The FTC said it was concerned that companies were trying to use the threat of a sales ban to force others who wanted to use the standard to pay higher royalty fees. That would of course be directly against the point of SEP, which is supposed to be licensed on a fair, reasonable and non-discriminatory (FRAND) basis so that everyone's kit can be interoperable and on the same standard.
"Incorporating patented technologies into standards has the potential to distort competition by enabling SEP owners to negotiate high royalty rates and other favourable terms, after a standard is adopted, that they could not credibly demand beforehand," the FTC said in its filing.
Still, the only reason that Motorola has taken this approach at all is because they are trying to fight back in a patent war that they didn't start. It's possible that this was a strategic move on Motorola's part designed to get this ball rolling to begin with. Maybe Motorola started making unreasonable demands on purpose in order to finally focus attention on the broken patent system, (although this is purely speculation). It also could simply have been a purely defensive move of desperation.
Regardless if that was their intent, it could have that effect in the long run. Senator Leahy seems to be taking a reasonable point-of-view on this. Here are a couple of quotes from the Arstechnica article with his perspective,
He also added,Leahy said a company could develop products assuming it will be able to get a license to all the relevant patents, and then "get the door slammed in your face."
"When inventors and developers are willing to license their technologies to one another at reasonable rates, the cross-fertilization of ideas benefits us all," Leahy said. "But I am concerned that the recent trend of seeking exclusion orders from the International Trade Commission, rather than negotiating and seeking license fees, may have the opposite effect."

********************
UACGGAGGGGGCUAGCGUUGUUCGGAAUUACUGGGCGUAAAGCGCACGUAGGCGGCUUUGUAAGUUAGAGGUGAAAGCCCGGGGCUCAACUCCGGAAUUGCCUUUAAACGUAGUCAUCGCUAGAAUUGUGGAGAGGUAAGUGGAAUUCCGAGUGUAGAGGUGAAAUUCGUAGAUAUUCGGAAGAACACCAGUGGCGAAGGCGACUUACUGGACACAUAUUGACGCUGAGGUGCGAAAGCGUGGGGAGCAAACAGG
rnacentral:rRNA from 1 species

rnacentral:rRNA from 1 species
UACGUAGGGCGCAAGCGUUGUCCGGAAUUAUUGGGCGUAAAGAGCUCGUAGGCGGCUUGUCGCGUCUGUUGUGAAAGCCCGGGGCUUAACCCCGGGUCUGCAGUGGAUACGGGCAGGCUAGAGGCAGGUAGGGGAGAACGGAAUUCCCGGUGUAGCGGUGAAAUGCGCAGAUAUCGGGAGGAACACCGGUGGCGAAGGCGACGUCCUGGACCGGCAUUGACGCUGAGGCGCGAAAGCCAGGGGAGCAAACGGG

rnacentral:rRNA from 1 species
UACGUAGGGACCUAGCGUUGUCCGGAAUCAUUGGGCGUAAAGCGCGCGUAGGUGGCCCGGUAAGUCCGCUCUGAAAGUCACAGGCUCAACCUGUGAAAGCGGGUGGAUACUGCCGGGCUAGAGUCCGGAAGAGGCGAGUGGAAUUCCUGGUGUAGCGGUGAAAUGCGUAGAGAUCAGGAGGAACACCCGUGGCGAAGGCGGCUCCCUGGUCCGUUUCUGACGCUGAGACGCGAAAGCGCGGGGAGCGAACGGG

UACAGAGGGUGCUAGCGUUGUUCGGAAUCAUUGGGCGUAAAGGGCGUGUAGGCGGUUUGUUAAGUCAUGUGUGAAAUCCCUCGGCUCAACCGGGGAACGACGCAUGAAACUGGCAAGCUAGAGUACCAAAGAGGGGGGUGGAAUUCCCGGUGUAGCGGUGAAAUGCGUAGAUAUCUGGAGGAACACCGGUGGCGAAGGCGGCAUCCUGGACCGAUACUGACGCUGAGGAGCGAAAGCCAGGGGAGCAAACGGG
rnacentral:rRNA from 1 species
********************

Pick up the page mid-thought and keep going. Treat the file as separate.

This seems to leave the door open a little bit to fixing everything in the future. In the mean-time, if Congress does get involved, it will probably drag things out even further and involve passing some sort of legislation to help standardize the industry and give the ITC broader scope. It doesn't look like anything will be accomplished yet to abate the legal violence of the patent wars, but at least steps are being taken in the right direction.Although the topic of the hearing was FRAND patents, Leahy said he wonders if lawmakers can also stop harassment by patent trolls, companies that don't make technology of their own but buy patents to assert in lawsuits. "People who invent should be compensated," Leahy said. "I don't have a lot of sympathy for people who buy patents."
Sidenote: It's almost comical that the reason the broken patent system is finally getting the attention it deserves is because of a gaming console. Fictional headline: "Broken U.S. Patent System Saved by XBOX!"
Source: ArsTechnica and Reuters and TheRegister